Lunchboxes – Keeping the pressure off and the nutrition in! Here I discuss easy tips for healthy lunchboxes for the kids return to school!
The biggest relief I had was when I realised that lunch only constitutes about 20% of your child’s total daily nutrition! This should always be in the back of your mind when you are fraught with stress trying to dream up inspired and novel lunches for your little one! Keeping up with Insta life and lunchbox goals is a challenge you really just DO NOT have to accept!!
I’m not saying to put zero effort into a lunchbox meal, what I am saying is that the most important thing is that it gets eaten and enjoyed by your child, to provide them with energy to allow them to learn, play and enjoy their day!
First thing is first!
- Make sure your child is able to open their lunch box and any wrapping you put in it.
- Let your child pick or decorate their lunchbox so that it is an item which is special and cherished.
- Make sure their drink bottle does not leak.
- Let them practice opening any food containers you put in before they bring it to school.
- Stick to your schools policy in relation to avoiding things like peanut butter or other potential allergens.
- Make sure your child’s lunchbox is one that is easily cleaned and easily stored in your fridge if you pack it the night before.
- Cut back on wrapping like clingfilm or foil where possible.
Right, that’s all the boring stuff out of the way!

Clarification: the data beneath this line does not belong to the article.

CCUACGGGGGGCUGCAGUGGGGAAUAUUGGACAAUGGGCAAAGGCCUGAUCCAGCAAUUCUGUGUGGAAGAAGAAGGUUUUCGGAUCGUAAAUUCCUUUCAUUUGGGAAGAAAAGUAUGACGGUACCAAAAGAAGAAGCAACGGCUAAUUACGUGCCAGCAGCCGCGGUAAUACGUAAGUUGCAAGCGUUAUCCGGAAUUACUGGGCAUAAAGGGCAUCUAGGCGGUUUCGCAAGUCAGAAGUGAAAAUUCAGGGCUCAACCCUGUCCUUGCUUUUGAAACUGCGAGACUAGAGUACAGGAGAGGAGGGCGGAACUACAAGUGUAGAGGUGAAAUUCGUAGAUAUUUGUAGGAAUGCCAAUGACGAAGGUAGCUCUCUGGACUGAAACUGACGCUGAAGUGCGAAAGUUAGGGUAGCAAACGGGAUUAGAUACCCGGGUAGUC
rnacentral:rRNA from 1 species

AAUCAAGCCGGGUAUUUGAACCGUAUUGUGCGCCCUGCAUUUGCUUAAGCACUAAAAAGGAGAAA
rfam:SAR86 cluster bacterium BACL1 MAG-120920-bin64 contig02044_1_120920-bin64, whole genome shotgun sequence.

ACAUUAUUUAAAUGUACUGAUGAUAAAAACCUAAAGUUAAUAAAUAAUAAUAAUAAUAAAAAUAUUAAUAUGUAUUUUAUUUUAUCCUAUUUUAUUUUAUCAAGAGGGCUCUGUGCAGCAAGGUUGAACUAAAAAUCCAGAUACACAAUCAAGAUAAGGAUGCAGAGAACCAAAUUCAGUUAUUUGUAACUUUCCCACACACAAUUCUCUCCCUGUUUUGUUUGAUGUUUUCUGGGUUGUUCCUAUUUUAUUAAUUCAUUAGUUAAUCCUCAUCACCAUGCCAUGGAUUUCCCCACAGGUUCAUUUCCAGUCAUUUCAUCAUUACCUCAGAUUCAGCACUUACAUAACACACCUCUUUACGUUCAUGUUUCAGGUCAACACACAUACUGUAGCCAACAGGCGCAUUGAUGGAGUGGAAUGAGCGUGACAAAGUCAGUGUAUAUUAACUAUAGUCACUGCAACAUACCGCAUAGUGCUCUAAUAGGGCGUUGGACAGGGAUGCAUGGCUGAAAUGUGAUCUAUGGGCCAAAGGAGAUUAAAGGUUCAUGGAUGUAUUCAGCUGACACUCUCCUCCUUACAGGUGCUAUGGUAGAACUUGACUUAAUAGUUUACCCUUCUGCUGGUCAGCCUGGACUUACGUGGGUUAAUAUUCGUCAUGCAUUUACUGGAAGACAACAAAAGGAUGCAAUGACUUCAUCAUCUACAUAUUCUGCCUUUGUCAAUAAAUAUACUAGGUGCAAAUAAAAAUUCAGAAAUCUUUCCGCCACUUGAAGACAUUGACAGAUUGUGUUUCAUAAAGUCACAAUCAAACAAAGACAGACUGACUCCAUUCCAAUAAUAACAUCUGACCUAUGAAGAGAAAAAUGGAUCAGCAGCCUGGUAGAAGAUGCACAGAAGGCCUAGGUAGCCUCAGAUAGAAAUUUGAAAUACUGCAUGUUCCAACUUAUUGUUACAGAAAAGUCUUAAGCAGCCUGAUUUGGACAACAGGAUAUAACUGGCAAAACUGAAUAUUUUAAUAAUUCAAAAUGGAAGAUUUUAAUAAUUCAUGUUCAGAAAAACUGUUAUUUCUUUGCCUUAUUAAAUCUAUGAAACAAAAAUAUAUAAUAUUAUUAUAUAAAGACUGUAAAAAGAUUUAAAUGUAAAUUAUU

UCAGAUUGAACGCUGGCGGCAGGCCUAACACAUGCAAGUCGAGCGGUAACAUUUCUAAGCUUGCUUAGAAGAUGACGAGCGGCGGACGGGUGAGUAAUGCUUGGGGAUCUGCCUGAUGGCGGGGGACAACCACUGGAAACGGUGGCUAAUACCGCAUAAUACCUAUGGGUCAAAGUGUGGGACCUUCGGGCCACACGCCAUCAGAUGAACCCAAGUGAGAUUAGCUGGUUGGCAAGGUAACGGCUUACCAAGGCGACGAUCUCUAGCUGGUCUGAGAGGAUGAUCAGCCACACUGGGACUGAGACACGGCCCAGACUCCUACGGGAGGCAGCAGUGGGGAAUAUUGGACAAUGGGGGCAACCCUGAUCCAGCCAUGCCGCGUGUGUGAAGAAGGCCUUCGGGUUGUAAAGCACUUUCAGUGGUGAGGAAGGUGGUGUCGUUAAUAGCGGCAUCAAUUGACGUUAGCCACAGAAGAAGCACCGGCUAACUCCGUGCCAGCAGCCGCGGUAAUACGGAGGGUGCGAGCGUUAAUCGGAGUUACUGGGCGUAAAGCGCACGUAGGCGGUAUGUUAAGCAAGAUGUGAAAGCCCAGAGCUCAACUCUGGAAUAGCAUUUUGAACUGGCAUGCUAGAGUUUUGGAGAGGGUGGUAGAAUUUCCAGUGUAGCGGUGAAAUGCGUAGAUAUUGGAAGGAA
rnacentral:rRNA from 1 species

The most important thing I have found about making successful school lunches is to let your child be involved in the choices from the shopping stage to the packing stage! A child is a lot more likely to eat a lunch that they have been involved in preparing! Obviously if left to their own devices a child would choose to have Haribo, marshmallows and buttons for lunch so a few ground rules are needed and the choices your child gets to make should be between which healthy foods you include. Don’t fret if your child is choosing the same lunch every single day for a few weeks – they won’t actually turn into a cheese sandwich – and eventually they will get bored and will become more open to variety! I have a rule that new foods have to be tried regularly, for example, my six year old “hated cucumber” but instead of avoiding it all together I would pack his lunchbox full of foods or fruits he did like and add two fingers of cucumber every day for a few weeks. Eventually the cucumber started to disappear too and now its a staple part of his diet! Obviously that doesn’t always work and children are entitled to have likes and dislikes just the same as grown ups do, but in a lot of cases its a mental barrier rather than a genuine dislike for a food and so gently offering it frequently without pressure to eat it, can be really useful. I have another child who absolutely hates peppers, She has tried them on numerous occasions and as a mammy I just can tell she really dislikes them, so that’s fine, I give her an alternative like tomatoes or cucumbers – once she chooses a salad I’m happy! My basic rule, which just makes life easier and helps to ensure a good balance of healthy food is eaten is that they each choose one ‘main lunch’ like a sandwich or pasta etc, one or two fruits and one or two salads. New foods can be tried out at dinner times or as snacks at home, keep pressure low – not everyone like smashed avocadoes on toast 😉